Nelsinho Piquet is not the only F1 driver whose career has been 'destroyed' by disgraced former Renault F1 managing director Flavio Briatore, Sébastien Bourdais has revealed – as the Frenchman admitted the famously irascible Italian was 'a big problem' for him throughout his time in the top flight.
Bourdais was unceremoniously dismissed by Scuderia Toro Rosso mid-season this year in favour of F1 rookie and 2008 British F3 Champion Jaime Alguersuari, following a string of lacklustre performances and a persistent failure to get the better of inexperienced young team-mate and namesake Sébastien Buemi, despite a strong end to his own maiden campaign at the highest level during which the record-breaking former multiple Champ Car king had come on in leaps and bounds and suggested he had finally got to grips with the very different driving style this side of the Pond.
Had it not been for Briatore, though, Bourdais' career might have panned out very differently indeed. As reigning International F3000 (now GP2 Series) champion in 2002, he impressively tested for Renault at Jerez in December, but after being unwilling to sign a management deal with the Enstone-based outfit's boss in addition to a testing deal, the role of test driver for 2003 went instead to compatriot Franck Montagny, leaving the man from Le Mans to head Stateside to ply his trade in Champ Cars, with outstanding success.
“There was a story with Flavio when the French [motor sport] federation decided to try and help a new and coming French driver to make it to F1,” Bourdais told 422race.com
, “but he only proposed a management contract with no guarantees. Unfortunately I had to decline the offer, because it was never going to work. It was crazy.
“Basically the French federation and Renault F1 had agreed to promote a French driver, and then they didn't agree on the terms of the agreement – so Renault F1 with Flavio went one way and the French federation tried to find the money, which they mostly did. Flavio was trying to repeat what he had done with [Mark] Webber the year before, when David Sears didn't need the money because he had the money from Vodafone – but this year he needed the money, because he had no sponsors. Flavio was trying desperately to make a deal with him, and I knew that wasn't going to happen because David told me 'I can't do it, there is no chance'.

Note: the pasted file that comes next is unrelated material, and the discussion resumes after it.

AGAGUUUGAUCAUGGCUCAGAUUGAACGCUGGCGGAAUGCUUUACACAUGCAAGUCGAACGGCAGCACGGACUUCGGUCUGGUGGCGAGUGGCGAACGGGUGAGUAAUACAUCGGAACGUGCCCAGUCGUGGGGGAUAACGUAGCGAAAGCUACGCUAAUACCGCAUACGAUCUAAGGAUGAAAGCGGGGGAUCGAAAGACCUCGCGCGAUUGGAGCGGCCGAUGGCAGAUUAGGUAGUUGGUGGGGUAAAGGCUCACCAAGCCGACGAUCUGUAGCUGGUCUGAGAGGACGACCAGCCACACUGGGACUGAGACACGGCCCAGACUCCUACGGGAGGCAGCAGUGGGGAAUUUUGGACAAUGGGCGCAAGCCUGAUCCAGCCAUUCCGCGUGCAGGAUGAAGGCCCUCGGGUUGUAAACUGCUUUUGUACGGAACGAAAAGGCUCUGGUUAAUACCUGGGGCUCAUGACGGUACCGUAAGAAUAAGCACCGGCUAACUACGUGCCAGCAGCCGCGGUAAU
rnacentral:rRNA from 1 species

“In the end the French federation succeeded in finding a lot of money, with the French government, Playstation and Renault – not Renault F1, just Renault, which pi**ed Flavio [off] even further – and so it happened. They made up the difference and I signed a management agreement with him, because it was part of the deal. Flavio got really angry about that, and from that point on he became a big problem for my career.”
Briatore, of course has hit the headlines again of late – for all the wrong reasons – for having been found guilty of being one of the key architects of the 'Singapore-gate' race-fixing scandal that has rocked F1 in recent weeks and not only cost the 59-year-old his job, but also earned him an effective lifetime ban from all involvement in any FIA-sanctioned form of motorsport. Bourdais, unsurprisingly, has little sympathy.
“I don't care,” shrugged the 30-year-old. “What should I care about? If he's done or not done what he's been found guilty of, it's his business. I never interfered in his business – it doesn't concern me. What do I think about it? He's been banned from F1 for cheating. Is it too much, not enough? I don't know. He's not there anymore.
“He destroyed me long enough. It's not about revenge or anything, it's nothing personal, but he has been a pain for me for so many years. I just tried to leave him alone and tried to make sure he was leaving me alone as well, but it wasn't quite this way...”